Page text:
Sarkozy convicted: What does that mean for politics and justice in France?

Nicolas Sarkozy will appeal his conviction and prison sentence for corruption and influence. Sarkozy makes history as the first former French president to be convicted of corruption. He, his lawyer Thierry Herzog and Judge Gilbert Azibert were all found guilty in the Paris courtroom. We are examining the case and its consequences, not only for Sarkozy and the other convicts, but for the center-right, the electoral process, the judicial system and, in fact, for France.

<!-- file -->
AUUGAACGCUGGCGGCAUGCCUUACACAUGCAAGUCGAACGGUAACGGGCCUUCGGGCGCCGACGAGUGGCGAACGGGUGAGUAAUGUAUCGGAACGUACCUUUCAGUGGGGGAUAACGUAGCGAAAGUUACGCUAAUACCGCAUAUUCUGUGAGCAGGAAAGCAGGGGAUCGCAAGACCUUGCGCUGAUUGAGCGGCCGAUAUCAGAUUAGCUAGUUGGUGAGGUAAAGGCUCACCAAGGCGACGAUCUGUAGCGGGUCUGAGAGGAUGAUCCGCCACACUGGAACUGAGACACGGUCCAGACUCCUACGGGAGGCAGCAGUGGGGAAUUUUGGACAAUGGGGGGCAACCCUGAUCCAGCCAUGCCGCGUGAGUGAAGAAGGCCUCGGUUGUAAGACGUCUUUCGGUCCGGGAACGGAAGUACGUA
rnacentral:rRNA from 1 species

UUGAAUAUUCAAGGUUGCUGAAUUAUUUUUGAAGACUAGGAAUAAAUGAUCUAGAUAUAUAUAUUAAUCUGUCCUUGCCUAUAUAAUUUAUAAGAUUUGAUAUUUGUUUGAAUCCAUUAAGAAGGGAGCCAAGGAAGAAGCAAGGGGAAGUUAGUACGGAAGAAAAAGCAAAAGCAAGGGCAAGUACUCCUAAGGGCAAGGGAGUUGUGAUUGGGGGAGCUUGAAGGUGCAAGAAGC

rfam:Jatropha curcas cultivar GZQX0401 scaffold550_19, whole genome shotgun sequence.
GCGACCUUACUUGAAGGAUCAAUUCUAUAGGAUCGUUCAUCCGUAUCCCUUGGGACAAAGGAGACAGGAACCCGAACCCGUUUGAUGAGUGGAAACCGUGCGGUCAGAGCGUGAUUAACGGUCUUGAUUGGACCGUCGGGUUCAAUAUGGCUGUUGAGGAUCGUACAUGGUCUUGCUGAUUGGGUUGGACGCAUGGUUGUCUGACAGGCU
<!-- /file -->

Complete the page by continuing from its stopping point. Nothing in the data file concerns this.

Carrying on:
As early as 2013, Sarkozy was put under telephone surveillance by the French authorities, which are investigating illegal funding from Libya’s Muammar Gaddafi for his 2007 campaign. Foreign political funding is banned in France.

At the same time, Sarkozy’s diaries had been seized in a separate investigation into alleged illegal donations from France’s richest woman, the late Liliane Bettencourt, the heir to L’Oréal.

It was in an attempt to get the diaries back, with the help of a link between lawyer Thierry Herzog and judge Gilbert Azibert, that the corruption case arose against the three men. But current Interior Minister Gérald Darmanin has spoken out against the conviction.

Produced by Charles Wente, Juliette Laurain and Imen Mellaz.